Prepaid card market heats up — and the fees are plentiful
Prepaid debit cards are everywhere these days — and so are their fees.

The cards allow you to load cash onto them and are accepted by businesses just like other types of plastic.

But you might have to pay a fee to activate the card, make ATM withdrawals, check your balance, talk to customer service or reload money onto the card. Monthly fees can be as high as $14.95, and you could be dinged up to $5.95 if you haven't used the card in a while.

"This is sort of a gift card with lots of fees," says Ruth Susswein, a spokeswoman with Consumer Action, which recently published a survey on prepaid card fees. "There can be fees for the most absurd reasons."

Not all cards charge all these fees, of course. It's possible to find cards without maintenance and activation fees and that don't charge to reload money.

And savvy consumers can shop around for a card with the fewest fees based on the way they will use the plastic. You can, for instance, avoid monthly charges with some cards by loading $500 or $1,000 each month onto the card.

But the important thing is that you do your homework before buying a prepaid card — and that includes exploring whether cheaper bank alternatives exist. Otherwise, you might find yourself nickeled-and-dimed just to use your own money.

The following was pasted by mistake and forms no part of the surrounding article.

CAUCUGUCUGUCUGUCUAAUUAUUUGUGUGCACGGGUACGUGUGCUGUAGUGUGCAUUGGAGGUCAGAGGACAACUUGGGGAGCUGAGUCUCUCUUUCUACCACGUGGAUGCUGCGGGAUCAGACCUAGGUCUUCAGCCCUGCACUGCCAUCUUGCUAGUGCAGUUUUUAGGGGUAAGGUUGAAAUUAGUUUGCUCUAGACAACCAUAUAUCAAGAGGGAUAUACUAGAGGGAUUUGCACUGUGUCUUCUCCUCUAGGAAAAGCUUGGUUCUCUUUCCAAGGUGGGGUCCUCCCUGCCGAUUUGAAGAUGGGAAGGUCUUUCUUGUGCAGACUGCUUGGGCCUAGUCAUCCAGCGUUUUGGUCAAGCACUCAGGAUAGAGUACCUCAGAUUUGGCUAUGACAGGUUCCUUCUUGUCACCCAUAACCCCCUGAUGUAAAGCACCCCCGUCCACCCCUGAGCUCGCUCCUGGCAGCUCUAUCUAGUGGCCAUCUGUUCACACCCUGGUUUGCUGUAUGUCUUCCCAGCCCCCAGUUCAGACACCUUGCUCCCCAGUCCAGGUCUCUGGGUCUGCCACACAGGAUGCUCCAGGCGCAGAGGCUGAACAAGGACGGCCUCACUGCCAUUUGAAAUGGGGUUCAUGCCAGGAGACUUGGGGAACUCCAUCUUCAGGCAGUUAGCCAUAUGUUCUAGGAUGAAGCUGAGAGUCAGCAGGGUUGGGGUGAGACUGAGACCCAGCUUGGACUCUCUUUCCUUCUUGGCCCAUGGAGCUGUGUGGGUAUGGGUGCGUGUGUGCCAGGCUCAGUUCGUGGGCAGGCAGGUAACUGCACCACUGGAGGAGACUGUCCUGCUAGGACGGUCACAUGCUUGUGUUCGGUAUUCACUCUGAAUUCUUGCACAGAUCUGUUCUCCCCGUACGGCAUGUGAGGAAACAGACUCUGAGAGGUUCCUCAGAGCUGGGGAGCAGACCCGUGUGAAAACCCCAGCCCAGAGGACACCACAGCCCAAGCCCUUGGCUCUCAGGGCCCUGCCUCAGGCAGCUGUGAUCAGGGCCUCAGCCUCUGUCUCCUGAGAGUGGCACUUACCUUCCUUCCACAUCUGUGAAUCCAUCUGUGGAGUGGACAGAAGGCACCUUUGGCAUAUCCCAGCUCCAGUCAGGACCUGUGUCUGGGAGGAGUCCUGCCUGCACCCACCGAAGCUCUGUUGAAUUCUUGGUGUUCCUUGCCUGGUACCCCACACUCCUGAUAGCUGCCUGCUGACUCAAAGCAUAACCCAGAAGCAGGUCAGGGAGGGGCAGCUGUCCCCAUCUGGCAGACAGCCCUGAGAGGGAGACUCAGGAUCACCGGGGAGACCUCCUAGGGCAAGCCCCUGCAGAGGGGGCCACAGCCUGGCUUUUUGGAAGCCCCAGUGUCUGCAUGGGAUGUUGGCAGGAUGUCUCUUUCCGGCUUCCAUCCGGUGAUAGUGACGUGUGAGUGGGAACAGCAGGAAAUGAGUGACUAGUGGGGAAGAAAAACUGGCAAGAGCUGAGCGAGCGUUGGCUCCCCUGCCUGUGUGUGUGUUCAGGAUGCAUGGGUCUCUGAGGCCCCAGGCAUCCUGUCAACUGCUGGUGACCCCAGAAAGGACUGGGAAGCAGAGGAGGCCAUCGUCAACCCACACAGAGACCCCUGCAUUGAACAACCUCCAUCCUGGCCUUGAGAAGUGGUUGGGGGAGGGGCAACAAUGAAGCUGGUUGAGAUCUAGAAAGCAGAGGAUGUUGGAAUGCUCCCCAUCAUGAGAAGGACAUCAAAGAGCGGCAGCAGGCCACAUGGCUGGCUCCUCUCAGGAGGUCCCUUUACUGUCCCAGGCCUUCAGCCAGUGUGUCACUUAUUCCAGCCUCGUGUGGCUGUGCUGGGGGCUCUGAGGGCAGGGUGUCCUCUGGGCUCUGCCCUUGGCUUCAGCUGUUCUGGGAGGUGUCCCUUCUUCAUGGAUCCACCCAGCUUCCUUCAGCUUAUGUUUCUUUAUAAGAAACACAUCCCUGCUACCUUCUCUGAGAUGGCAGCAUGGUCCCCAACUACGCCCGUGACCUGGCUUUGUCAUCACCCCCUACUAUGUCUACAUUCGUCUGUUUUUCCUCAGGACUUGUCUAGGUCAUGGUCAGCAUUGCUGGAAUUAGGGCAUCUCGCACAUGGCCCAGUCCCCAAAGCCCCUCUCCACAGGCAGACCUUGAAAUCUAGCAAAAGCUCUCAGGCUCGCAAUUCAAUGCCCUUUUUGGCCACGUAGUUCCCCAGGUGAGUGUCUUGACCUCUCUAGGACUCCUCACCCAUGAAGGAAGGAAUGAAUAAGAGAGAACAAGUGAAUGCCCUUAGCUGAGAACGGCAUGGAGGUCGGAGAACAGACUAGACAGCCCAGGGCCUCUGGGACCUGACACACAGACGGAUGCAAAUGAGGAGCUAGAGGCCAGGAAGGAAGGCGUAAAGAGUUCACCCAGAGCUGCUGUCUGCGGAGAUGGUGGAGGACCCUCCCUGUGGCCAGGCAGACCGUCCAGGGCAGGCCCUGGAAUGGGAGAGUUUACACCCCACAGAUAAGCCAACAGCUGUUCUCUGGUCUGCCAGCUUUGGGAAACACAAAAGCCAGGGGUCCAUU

The prepaid card market has been growing rapidly for several reasons.

"It addresses a need that checking can't," says Anisha Sekar, vice president of debit and credit products at NerdWallet, a card comparison website.

Prepaid cards appeal to people trying to control spending and avoid overdraft fees, which typically run $35, Sekar says.

The cards also are used by consumers who don't want a regular bank account or can't get one because they bounced too many checks.

Some colleges use the cards as student IDs and to disburse financial aid, says Ben Jackson, a senior analyst with Mercator Advisory Group, a market research and consulting firm.

And consumers also buy prepaid cards to shop online without exposing their debit card information on the Internet, Jackson adds. (That's not a bad idea, given the lax security provided by some businesses.)

Financial services companies are jumping on the prepaid bandwagon. Just last week Chase announced the launch of Chase Liquid, a prepaid card that will be available nationwide this summer.

For financial institutions, prepaid cards are a way to reach the estimated 60 million Americans without a traditional banking relationship. It also gives them a product to market to college students, now that federal law restricts young adults from getting credit cards on their own.

And most reloadable prepaid cards aren't subject to new federal limits on how much banks can charge merchants to process transactions.

"The prepaid card market is another way to fill the revenue hole," says Greg McBride, a senior financial analyst with

Mercator reports that $28.6 billion was loaded onto prepaid cards three years ago, and it projects that figure will climb to $167.2 billion in 2014.

And that's not even counting all the prepaid cards used for payroll and government benefits, another area where the use of this plastic is growing. Next year, Social Security beneficiaries who don't get benefits directly deposited in a bank or credit union will receive a prepaid card.